Without a chance to calm down people with Asperger’s suffer from sensory overload which can make them very irritable and prone to meltdowns.
"Alone-time" helps them to recover, particularly if they have been engaged in a lot of social activity.
You could be forgiven for thinking that alone time means time spent in a room by yourself with no distractions.
This is certainly a great way to achieve it however alone time can be obtained in a variety of other ways not all of which are silent. This is particularly important if the person with Aspergers is at school or work and cannot easily find a room to themselves.
Removing StimuliSince one of the main reasons alone time is to reduce stimuli, the best ways to get the same effect depend upon removing one or more stimuli from your senses. For example, wearing darker glasses or a hoodie will reduce the amount of light entering your eyes. Wearing headphones can remove the babble of speech or general ambient sounds and wearing a scarf can often reduce sensitivity to odours.
Sometimes just choosing extremely low irritant (ie: very comfortable) clothing is enough to reduce overall sensitivity.
An alternative to actually blocking out stimuli is to replace it with more regular or more pleasing options. This is called "habitation".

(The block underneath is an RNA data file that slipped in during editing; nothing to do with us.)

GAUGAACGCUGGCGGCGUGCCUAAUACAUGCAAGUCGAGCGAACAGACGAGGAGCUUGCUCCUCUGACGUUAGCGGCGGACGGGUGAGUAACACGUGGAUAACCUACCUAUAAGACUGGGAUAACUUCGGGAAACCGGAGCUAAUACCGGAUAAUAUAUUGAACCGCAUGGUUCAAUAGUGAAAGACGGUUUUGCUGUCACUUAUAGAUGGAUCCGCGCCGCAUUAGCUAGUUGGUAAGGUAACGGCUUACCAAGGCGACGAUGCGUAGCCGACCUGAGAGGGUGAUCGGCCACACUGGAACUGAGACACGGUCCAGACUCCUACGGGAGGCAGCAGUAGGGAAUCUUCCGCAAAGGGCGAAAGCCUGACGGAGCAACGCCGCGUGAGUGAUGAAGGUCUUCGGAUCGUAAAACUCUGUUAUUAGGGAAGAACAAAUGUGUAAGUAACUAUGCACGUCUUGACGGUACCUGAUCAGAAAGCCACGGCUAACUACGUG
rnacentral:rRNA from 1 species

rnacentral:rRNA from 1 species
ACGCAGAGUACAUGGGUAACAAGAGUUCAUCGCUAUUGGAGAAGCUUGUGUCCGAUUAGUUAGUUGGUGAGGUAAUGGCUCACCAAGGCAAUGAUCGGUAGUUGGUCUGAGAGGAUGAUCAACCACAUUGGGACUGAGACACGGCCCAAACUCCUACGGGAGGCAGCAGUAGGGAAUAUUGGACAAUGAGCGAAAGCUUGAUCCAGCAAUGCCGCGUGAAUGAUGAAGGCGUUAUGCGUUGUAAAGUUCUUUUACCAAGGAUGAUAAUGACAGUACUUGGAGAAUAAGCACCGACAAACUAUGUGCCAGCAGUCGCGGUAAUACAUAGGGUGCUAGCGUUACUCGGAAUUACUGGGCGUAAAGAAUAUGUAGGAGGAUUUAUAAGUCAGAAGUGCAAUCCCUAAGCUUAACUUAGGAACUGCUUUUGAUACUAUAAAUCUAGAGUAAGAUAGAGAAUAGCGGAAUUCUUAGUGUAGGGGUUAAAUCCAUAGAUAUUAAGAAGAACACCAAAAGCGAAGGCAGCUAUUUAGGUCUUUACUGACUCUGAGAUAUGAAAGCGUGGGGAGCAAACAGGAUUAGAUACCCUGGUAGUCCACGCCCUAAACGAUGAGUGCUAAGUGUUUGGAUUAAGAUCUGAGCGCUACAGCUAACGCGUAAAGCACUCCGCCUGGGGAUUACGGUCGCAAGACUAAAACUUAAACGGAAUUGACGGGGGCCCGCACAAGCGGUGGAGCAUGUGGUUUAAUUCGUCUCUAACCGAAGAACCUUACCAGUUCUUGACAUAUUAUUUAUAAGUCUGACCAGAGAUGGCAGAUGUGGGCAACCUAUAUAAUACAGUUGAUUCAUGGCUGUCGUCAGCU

Key ways to do this include playing music through headphones. This puts you in charge of your ambient environment. While it doesn't necessarily drown out external sounds, your brain follows the familiar beats and this makes it easier to ignore the other sounds around you.
If you have an easily overloaded sense of smell, chewing mints or gum can serve as a form of habitation for these sensitivities.
This is why many schools allow the chewing of gum or the use of headphones in exams.
Sometimes sports, particularly low contact (with others) options such as skating, running, aerobics, bowling and weights can create a "touch habitation" effect where the body becomes less aware of touch sensitivities while the exercise is in progress.
Choosing Low-People Options
These could be individual activities like computing, pets, reading, crafts or television.
They could also include activities such as swimming, diving or climbing which include groups of people but have very limited options for contact and communication.
Alone time is available even in the most crowded of places. You just need to know how to find and use the opportunities.